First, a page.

Protection from personal liability is often a large factor in the choice of business entity. Asset protection plays a large role in structuring financial and business affairs. The risks associated with sales tax liabilities are often overlooked, but such liabilities can be avoided.
New York Tax Law section 1133(a) imposes personal liability for unpaid sales and use taxes upon "persons required to collect tax." In a corporate context, the persons required to collect and remit sales and use taxes include any employed officers, directors, or managers who are under a duty to act for the corporation [see section 1131(1)].
In matters before the New York State Tax Commission involving personal liability for sales and use taxes, the result often turns on an analysis of whether such a person was under a duty to act for the corporation. Merely holding a corporate office does not automatically result in strict liability [see Chevlowe v. Koerner, 407 N.Y.S 2d 427 (1978)]. The inquiry as to whether a person is responsible for collecting and paying sales and use taxes involves a thorough investigation of all the relevant facts and circumstances. The central inquiry is whether the individual had sufficient authority and control over the affairs of the corporation. In such an instance, the person will be considered an officer or employee responsible for payment of the taxes assessed [Matter of Constantino (Tax Appeals Tribune, September 27, 1990)]. The notice of determination issued by the New York State Tax Department is accorded a presumption of correctness [Petition of John P. Bartolomei (NYS Tax Appeals Tribunal TSB-D-96(28S), April 3, 1997)]. Therefore, the burden of proof rests heavily upon taxpayers to present sufficient support and confirmation regarding their responsibilities.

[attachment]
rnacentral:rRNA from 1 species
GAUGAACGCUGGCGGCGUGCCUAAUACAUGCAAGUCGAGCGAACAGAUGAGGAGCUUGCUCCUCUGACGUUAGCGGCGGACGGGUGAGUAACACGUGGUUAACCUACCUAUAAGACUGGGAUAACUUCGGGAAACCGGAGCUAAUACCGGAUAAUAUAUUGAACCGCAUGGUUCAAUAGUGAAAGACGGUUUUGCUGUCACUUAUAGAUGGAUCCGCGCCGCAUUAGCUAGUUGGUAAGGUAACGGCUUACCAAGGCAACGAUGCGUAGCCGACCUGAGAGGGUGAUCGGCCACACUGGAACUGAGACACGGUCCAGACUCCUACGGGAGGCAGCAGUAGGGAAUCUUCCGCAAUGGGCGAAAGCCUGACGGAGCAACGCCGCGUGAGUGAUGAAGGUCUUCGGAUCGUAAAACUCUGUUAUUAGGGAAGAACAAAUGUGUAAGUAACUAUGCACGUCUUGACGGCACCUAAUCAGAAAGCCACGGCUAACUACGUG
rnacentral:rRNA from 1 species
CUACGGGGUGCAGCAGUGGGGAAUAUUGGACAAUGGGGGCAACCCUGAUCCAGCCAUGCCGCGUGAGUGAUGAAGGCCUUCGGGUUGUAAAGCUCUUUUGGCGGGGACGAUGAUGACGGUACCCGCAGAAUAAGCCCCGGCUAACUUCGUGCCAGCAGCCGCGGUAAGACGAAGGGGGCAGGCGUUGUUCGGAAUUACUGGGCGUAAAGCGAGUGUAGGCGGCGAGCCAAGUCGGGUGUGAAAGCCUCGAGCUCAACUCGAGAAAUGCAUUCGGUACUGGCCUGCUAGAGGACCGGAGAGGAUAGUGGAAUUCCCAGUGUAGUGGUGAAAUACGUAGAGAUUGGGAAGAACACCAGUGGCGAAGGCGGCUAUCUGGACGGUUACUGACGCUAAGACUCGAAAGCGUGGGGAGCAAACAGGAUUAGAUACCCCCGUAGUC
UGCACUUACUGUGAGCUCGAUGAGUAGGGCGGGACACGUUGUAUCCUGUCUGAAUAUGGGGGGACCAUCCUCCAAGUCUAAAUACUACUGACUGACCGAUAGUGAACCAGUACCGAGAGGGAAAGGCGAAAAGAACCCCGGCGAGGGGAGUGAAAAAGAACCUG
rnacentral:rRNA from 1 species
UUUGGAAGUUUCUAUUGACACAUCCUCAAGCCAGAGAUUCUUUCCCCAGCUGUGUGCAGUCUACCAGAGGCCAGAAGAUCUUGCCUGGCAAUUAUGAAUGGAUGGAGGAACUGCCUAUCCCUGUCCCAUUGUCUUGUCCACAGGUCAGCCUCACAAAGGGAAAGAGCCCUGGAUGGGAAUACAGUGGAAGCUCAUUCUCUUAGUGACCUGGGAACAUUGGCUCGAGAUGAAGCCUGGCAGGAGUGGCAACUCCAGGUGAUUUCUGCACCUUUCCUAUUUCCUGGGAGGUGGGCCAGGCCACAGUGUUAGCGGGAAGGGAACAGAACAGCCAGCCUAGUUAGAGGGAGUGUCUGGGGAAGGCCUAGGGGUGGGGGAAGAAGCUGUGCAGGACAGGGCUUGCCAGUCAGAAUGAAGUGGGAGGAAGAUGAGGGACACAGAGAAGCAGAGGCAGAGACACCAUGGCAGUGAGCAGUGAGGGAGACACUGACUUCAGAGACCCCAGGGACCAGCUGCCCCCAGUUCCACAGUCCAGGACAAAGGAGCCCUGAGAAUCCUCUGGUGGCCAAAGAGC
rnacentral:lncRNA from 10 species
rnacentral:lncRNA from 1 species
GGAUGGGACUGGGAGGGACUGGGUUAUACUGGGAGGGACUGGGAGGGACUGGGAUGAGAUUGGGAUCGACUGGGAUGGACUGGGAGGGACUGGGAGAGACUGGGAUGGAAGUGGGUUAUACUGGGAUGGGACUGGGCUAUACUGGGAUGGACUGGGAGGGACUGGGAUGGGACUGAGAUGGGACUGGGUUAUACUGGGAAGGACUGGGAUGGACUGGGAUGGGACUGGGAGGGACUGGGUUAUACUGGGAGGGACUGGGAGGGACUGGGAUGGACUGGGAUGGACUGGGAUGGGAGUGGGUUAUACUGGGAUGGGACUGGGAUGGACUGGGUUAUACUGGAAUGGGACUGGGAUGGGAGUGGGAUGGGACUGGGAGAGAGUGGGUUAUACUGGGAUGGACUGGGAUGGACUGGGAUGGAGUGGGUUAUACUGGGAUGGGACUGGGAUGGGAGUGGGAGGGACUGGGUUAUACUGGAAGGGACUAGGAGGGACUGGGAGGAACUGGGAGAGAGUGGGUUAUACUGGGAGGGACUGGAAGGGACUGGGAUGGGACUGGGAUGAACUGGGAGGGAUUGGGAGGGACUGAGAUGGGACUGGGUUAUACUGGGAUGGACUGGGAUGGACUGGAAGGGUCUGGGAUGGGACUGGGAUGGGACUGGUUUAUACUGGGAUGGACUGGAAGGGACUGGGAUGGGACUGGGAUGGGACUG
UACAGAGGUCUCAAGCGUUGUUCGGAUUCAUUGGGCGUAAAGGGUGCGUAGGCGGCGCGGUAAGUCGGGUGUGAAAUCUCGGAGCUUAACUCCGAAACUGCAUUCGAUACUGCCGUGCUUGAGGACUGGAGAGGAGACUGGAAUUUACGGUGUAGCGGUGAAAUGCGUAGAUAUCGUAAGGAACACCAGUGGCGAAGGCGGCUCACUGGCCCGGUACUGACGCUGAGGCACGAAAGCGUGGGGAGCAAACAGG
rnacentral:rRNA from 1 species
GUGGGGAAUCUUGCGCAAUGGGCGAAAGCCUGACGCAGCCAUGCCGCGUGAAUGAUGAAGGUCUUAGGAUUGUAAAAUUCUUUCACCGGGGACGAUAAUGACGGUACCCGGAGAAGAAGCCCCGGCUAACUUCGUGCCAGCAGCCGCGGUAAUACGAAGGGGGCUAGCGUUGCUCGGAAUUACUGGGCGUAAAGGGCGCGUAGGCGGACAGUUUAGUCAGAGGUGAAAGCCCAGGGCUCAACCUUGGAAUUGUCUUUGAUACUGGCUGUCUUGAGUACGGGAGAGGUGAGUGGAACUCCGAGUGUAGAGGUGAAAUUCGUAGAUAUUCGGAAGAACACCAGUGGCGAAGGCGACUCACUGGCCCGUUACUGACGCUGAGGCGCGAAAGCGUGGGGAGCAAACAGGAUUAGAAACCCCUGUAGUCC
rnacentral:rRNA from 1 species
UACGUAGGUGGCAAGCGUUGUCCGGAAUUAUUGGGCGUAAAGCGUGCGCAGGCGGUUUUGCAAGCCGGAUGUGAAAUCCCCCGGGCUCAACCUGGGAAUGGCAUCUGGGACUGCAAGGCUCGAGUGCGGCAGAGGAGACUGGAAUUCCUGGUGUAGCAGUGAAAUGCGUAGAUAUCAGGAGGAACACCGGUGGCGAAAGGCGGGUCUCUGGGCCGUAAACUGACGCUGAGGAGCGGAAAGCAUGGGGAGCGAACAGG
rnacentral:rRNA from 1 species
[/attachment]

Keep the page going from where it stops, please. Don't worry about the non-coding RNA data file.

The New York State Tax Commission considers various factors in making the determination as to whether an individual should be held personally liable for the sales and use tax imposed. They include:
* The individual's corporate status as a director or officer;
* The individual's status as a shareholder, and the percentage of shares owned;
* The individual's participation in formal or informal shareholders' meetings, directors' meetings, and other corporate formalities;
* The individual's participation in corporate accounting and bookkeeping functions;
* The individual's knowledge of, and control over, the financial affairs of the corporation;
* The individual's authorization within the corporation to perform management functions, such as employee hiring and firing;
* Whether the individual controlled the actions of others or was controlled by others;
* Whether the individual signed tax returns and met with accountants;
* Prior assessments against the corporation, and its history of delinquency;
* Involvement in the day-to-day business operations; and
* Whether the individual was authorized as a check signatory. …